Sumo

Sumo matches can last for a few seconds up to a few minutes.

Image from Wikipedia

 

post

Chiyonofuji

Sumo is an interesting sport, especially when viewed from a non-native Japanese perspective. The sport is historically and culturally one of the cornerstones of Japanese competitive sport, having much history associated with it and its development. Given that it is a one on one contact sport, some fighters naturally stand out among their competitors, for a variety of reasons.

One of the stand-out names in the list of amazing Sumo wrestlers is Chiyonofuji Mitsugu, whose original name had been Mitsugu Akimoto prior to becoming a professional Sumo wrestler. He was born in the midst of 1955 and managed to claim the title of yokozuna during his professional career. The title of yokozuna is not given out lightly, as it indicates that he has managed to reach the very highest rank in the sport, something that many aspiring fighters hope to achieve one day.

In his time as yokozuna, Chiyonofuji managed to accomplish a variety of impressive feats. The easiest to see was that his average weigh-in during official matches amounted to 120kg, which is really rather light for the sport, especially given his title as the best. Additionally, in his time as yokozuna, he also managed to win a total of 31 championships, a feat that has only been beaten by the prolific Taiho Koki, who is hailed as the best Sumo wrestler to ever compete following the end of World War II, with his 32 victories. Another feat that he had only been beaten by Taiho is the fact that he held onto the title of yokozuna for a long time, being the bearer of it for a whole ten years, falling just one year short of Taiho’s time.

One record he did manage to set was that he had won more tournaments in his thirties than any other wrestler before him, even more impressive especially since he retired in his mid thirties. In the 21 years of his professional career, Chiyonofuji also broke the record for most career wins, amounting to 1045, of which 807 were in the highest division. Additionally, he also set the record for most amount of consecutive wins in the Kyushu tournament, one of the six most significant Sumo tournaments held over the year, by winning eight times in a row. Chiyonofuji also set the record for the highest win-streak in Sumo wrestling following the war, going undefeated for 53 matches.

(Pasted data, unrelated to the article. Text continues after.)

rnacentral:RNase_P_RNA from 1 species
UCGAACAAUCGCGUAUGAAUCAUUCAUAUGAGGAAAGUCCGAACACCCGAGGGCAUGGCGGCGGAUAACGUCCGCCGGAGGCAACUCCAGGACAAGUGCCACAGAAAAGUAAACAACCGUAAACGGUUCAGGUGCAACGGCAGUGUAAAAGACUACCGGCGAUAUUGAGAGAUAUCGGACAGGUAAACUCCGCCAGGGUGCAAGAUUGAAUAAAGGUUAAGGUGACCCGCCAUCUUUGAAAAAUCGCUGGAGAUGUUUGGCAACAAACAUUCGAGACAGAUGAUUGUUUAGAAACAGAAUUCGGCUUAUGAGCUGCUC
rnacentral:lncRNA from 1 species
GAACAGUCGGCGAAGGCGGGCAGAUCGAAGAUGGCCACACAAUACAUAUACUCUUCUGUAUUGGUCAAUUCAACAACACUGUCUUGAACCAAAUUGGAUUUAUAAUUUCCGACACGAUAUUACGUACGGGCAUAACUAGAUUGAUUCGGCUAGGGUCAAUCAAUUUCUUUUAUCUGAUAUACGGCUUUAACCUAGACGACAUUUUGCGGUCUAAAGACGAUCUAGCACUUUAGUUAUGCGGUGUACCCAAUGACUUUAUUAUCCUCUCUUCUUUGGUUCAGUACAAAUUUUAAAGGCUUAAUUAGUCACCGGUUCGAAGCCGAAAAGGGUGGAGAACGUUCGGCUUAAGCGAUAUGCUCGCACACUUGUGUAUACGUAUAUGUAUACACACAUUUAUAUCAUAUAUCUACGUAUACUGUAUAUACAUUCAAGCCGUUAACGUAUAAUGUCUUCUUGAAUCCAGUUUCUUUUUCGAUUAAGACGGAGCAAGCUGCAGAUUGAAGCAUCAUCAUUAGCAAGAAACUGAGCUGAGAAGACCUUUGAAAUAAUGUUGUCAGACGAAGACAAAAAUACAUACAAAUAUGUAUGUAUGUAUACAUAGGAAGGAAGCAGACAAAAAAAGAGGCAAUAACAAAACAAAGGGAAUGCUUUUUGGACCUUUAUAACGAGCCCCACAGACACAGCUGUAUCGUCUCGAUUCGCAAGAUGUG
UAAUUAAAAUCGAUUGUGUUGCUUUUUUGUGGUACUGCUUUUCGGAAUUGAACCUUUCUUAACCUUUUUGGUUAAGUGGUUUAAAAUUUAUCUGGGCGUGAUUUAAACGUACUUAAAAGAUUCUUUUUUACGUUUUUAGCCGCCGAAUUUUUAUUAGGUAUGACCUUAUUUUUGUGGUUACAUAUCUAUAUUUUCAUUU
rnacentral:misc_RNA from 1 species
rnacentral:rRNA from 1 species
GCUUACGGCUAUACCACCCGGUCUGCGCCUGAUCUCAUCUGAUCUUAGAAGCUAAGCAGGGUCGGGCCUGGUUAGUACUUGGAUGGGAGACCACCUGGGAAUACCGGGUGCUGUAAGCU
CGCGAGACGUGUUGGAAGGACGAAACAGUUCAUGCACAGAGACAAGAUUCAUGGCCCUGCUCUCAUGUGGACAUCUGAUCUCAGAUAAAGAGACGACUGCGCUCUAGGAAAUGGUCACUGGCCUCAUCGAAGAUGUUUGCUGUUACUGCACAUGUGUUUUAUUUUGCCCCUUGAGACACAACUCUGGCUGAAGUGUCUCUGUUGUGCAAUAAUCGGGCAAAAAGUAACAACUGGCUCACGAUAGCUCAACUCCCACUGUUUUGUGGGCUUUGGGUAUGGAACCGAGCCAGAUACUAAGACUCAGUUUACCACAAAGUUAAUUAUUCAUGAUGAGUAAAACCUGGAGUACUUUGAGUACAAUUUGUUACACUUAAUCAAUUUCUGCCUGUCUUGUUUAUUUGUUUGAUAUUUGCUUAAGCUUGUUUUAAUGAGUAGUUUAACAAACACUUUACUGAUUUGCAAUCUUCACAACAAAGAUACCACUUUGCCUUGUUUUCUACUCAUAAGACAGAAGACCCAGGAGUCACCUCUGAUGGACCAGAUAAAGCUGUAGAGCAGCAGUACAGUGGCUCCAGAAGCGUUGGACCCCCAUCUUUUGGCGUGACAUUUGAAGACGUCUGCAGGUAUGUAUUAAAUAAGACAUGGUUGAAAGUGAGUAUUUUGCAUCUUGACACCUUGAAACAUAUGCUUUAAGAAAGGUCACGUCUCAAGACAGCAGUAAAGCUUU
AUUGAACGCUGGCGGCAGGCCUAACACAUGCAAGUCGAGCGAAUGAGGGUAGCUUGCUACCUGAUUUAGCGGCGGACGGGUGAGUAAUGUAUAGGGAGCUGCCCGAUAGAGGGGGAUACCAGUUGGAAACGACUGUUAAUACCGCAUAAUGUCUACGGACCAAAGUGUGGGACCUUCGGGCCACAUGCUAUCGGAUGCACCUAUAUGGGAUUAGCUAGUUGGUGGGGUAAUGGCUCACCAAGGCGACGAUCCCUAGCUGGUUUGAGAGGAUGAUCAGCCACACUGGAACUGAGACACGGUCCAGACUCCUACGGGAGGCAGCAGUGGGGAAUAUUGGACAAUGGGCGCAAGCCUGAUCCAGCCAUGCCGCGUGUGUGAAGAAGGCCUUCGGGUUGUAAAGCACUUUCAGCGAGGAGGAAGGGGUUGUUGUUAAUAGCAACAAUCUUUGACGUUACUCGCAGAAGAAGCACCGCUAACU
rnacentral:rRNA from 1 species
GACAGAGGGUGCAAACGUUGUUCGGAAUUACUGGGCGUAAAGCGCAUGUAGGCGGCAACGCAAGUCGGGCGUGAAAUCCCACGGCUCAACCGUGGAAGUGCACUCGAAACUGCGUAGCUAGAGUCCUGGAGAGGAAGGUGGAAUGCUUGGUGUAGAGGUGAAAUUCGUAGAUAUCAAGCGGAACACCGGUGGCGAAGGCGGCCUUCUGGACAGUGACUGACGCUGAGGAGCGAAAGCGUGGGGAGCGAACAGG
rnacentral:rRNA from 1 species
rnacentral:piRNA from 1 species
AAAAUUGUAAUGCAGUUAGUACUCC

First image by sumodb.sumogames.de

Second image by sumoforum.net

 

post

Taiho Koki

Sumo wrestling is a big deal in Japan. The sport is one of the most iconic ones throughout the nation, especially considering its historical and cultural importance. The lifestyle of a Sumo wrestler isn’t easy, but their profession draws large crowds of spectators – giving birth to a few legends of the competition, fighters that have stood out among the rest. It is, after all, a contact sport.

Some fighters and competitors make a name for themselves through their impact on the development of the sport, some do it by performing well consistently. Some, however, do so by simply crushing their opponents mercilessly, over and over again – and Taiho Koki is one of them.

Taiho Koki was the so-called 48th person to have claimed the yokozuna title, a title representing the highest rank in the Japanese Sumo system. In addition to that, he is often considered to be the best competitor in the post World War II period, having been born when the war was still raging brutally. In 1961, at age 21, he became the youngest ever person to claim the title of yokozuna, and it would be many years after him for someone to replicate the feat. In the span of 11 years, between 1960 and 1971, he managed to win 32 individual tournaments – an incredible figure today and just as impressive as it had been during his time. There had also been two separate instances wherein Koki won six major tournaments consecutively. On top of that comes the impressive fact that he had been the only wrestler to have won at least one championship in every year of his career in the highest division – so impressive in fact, that he is the only person to have done it up until today.

In the actual ring, Koki was known for his techniques involving the opponent’s belt and giving himself enough leverage to win by straight up pushing his opponent out of the ring, something he had actually done enough times to account for one third of all his victories. He would practise his techniques with all the other members of the highest rank, something he was well known for.